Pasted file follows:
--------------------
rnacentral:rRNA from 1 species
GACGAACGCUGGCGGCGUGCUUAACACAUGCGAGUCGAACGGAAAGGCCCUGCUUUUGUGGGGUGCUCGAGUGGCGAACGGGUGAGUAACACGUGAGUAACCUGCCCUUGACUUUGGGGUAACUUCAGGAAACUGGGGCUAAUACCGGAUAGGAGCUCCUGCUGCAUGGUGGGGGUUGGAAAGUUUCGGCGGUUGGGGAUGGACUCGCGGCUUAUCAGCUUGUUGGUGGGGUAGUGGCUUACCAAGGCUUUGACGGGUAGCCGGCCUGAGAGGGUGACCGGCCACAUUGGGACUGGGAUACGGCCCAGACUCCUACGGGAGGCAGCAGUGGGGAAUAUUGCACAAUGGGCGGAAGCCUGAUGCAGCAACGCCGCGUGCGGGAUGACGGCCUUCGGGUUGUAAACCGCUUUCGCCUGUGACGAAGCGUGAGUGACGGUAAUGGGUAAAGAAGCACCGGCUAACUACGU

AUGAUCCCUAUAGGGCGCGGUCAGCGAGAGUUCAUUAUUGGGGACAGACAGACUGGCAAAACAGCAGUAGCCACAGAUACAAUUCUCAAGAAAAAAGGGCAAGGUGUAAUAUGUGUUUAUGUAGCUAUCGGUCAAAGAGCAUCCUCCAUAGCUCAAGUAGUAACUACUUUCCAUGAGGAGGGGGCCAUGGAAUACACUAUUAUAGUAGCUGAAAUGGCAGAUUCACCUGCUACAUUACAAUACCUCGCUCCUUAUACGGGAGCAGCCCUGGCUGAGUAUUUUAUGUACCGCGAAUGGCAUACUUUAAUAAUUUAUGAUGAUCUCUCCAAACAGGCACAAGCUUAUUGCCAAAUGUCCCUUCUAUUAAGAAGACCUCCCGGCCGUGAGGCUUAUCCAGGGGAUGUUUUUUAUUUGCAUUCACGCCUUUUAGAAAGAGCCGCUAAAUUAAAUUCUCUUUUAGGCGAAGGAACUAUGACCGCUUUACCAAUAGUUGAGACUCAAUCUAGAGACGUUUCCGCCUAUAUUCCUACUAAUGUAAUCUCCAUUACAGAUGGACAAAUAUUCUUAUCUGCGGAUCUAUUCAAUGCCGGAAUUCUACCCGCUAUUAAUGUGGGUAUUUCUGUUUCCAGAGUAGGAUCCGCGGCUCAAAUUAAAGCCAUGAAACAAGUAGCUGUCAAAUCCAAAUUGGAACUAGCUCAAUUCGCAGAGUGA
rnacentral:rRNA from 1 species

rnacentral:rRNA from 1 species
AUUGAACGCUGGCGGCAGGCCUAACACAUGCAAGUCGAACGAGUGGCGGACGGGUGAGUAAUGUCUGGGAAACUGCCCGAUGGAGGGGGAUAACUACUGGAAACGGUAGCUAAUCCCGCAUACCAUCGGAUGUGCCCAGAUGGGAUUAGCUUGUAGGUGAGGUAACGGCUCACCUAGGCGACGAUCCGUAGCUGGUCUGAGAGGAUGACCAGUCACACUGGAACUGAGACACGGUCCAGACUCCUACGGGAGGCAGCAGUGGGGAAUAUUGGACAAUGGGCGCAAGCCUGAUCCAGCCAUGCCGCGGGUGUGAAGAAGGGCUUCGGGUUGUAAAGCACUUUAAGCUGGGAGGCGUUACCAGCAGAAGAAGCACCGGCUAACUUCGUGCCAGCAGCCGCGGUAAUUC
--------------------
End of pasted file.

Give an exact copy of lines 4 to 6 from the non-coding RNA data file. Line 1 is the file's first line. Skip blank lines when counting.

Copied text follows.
rnacentral:rRNA from 1 species

rnacentral:rRNA from 1 species
AUUGAACGCUGGCGGCAGGCCUAACACAUGCAAGUCGAACGAGUGGCGGACGGGUGAGUAAUGUCUGGGAAACUGCCCGAUGGAGGGGGAUAACUACUGGAAACGGUAGCUAAUCCCGCAUACCAUCGGAUGUGCCCAGAUGGGAUUAGCUUGUAGGUGAGGUAACGGCUCACCUAGGCGACGAUCCGUAGCUGGUCUGAGAGGAUGACCAGUCACACUGGAACUGAGACACGGUCCAGACUCCUACGGGAGGCAGCAGUGGGGAAUAUUGGACAAUGGGCGCAAGCCUGAUCCAGCCAUGCCGCGGGUGUGAAGAAGGGCUUCGGGUUGUAAAGCACUUUAAGCUGGGAGGCGUUACCAGCAGAAGAAGCACCGGCUAACUUCGUGCCAGCAGCCGCGGUAAUUC